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Many ways to handle lodging.

I gave up my permanent address, so I spent years living from place to place out of my suitcase.
In 2022 for example, I stayed 309 nights in 50 different Airbnb's; along with 42 nights in 26 hotels, 8 nights with friends and family, 4 nights camping, and 2 nights in the air on overnight flights.  
Hotels have usually been reserved just for places where I am spending 1, maybe 2, nights.   
Since I tried Airbnb for the first time in 2019; I became more and more reliant on it.  When traveling full time, it is important to have things like a kitchen, and laundry. However, like many people, I started to pull back a little in 2023. I started to see the value shift, so, for me, that meant 3 night stays started to become hotels instead of Airbnb. But, stays 4+ days were still all Airbnb. 


Camping through the Pacific Northwest and British Colombia in Canada is a great way to relax and also to save a bit of money on lodging.
I camped for only 4 nights in 2022, but I spent 18 nights camping in 2021
The limit is that I can only really do this in North America as I don't haul that gear around the world.

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So much has been said recently about the diminishing quality of Airbnb stays, and in some ways I would have to agree. As of the end of 2023, I have stayed in over 100 Airbnb's lifetime and have had some wonderful stays, and some that were, frankly, terrible.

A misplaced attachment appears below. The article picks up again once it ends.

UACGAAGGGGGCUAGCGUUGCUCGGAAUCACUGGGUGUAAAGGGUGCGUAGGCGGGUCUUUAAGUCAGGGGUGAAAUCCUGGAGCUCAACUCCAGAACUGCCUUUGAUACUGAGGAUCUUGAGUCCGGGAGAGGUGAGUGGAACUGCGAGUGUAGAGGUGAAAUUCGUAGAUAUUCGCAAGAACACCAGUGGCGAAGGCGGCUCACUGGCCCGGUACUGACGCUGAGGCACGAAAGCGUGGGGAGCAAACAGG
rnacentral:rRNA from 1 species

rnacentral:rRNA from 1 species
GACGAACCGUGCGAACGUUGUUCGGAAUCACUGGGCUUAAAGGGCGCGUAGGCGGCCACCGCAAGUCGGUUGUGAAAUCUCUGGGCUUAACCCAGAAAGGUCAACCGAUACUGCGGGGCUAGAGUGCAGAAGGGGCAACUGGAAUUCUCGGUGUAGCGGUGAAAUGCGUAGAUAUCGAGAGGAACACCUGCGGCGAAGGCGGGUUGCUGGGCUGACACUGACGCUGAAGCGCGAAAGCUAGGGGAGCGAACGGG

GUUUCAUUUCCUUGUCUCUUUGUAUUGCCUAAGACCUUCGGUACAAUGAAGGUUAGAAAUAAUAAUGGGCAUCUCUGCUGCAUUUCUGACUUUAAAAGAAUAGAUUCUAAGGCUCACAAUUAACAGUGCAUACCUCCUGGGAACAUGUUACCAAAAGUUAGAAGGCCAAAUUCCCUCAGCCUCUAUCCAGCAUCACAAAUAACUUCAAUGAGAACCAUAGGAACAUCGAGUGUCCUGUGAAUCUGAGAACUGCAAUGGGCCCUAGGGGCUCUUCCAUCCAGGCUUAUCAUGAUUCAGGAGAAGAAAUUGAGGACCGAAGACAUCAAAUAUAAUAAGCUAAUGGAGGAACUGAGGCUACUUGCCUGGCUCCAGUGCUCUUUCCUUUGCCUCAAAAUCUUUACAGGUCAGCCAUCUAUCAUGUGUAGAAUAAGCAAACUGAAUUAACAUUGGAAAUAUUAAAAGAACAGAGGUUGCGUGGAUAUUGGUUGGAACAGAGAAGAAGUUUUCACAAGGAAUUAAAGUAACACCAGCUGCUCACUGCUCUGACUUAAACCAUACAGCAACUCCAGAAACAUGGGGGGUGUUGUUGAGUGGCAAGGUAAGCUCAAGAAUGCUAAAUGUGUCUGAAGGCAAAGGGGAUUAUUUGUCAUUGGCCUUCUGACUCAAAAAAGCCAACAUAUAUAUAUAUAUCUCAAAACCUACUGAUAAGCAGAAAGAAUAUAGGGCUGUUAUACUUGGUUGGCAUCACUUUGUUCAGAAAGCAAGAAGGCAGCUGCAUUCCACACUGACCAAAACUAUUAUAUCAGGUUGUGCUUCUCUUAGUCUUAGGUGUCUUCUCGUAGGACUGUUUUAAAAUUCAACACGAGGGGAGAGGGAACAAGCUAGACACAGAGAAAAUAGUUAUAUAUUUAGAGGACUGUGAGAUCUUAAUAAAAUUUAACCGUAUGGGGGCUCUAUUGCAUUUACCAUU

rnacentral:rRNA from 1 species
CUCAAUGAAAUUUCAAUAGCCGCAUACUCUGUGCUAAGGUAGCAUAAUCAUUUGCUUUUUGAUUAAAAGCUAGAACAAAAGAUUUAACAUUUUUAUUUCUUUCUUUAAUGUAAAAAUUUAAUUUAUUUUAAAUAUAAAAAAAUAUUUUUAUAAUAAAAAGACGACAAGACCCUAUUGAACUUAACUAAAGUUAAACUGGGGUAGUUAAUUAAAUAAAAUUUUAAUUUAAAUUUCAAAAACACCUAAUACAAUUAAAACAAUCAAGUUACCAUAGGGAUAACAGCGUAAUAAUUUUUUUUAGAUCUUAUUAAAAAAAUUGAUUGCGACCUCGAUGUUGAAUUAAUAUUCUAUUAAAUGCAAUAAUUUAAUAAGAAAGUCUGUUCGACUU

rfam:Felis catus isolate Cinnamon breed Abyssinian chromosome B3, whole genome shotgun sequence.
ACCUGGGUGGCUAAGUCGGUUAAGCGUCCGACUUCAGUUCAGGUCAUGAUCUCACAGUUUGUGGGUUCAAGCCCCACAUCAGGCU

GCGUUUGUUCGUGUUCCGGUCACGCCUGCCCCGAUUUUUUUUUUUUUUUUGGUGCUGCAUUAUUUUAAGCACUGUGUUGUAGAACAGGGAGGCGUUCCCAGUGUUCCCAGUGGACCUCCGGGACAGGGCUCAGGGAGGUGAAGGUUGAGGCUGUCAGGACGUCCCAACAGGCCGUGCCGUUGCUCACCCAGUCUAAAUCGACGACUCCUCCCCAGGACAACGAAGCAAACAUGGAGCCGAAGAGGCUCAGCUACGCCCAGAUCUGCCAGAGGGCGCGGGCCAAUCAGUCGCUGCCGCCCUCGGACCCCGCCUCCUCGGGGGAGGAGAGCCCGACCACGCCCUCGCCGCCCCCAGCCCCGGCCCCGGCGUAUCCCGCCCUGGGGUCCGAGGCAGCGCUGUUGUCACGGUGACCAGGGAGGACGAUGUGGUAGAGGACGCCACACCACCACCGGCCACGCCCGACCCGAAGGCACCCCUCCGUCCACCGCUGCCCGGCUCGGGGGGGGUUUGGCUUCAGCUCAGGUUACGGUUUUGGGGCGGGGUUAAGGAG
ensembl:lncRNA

However, I often wonder if it is my budget that creates the problem of diminishing quality. I have tried hard to save money, so I have cut my budget allowance for lodging over the years and maybe this reason makes me feel like the quality has gone down.
In 2019, I spent an average of $94.42 per night on Airbnb (including fees); In 2021, I spent an average of $96.81 per night, and despite the post-pandemic increase in costs; in 2022, I reduced my average to $92.27
 per night.
Inevitably, if I spend less, I will get less.
But, I still expect the place to be cleaned. At least, take out the previous trash, and exchange the previous towels. 
I don't expect that the heat will be turned off, or that a pet fish will be left behind.
I really enjoyed the Airbnb that said it was a fully equipped kitchen, and it had exactly one of everything...spoon, fork, cup, pan.   
With all that said, Airbnb is still the best option I have found so far for someone who is traveling 365 days per year.
Some tips on booking Airbnb;
I never book a new listing, no matter how attractive it looks. I need to see at least 5 reviews. If you book a new listing, you have no idea what you are getting, and you are also much more open to scams.
If all of the reviews are short, one sentence reviews, I pass on the listing. Obviously, even if the guests gave 5 stars, they didn't think much of the place if nobody took time to write a real review.   
If the place looks even slightly off in the pictures, I avoid the place.  Pictures will almost always look better than the actual place.
If the pictures start with pic after pic of things that are not the listing (like area attractions), then I pass.  If the host thinks everything outside their listing is nicer than the listing itself, then I don't want to stay there.
I don't boo
k places that are normally people's home but are being listed on Airbnb part time.  My experience is that these listings have been the most cluttered and least clean.  The sure fire give away on those is having a number of real plants in the place.

Airbnb Tunis Tunisia 3.jpg
Airbnb Tunis Tunisia.jpg
Airbnb Lyon France Sept 2022 2.jpg
Airbnb Tunis Tunisia 2.jpg
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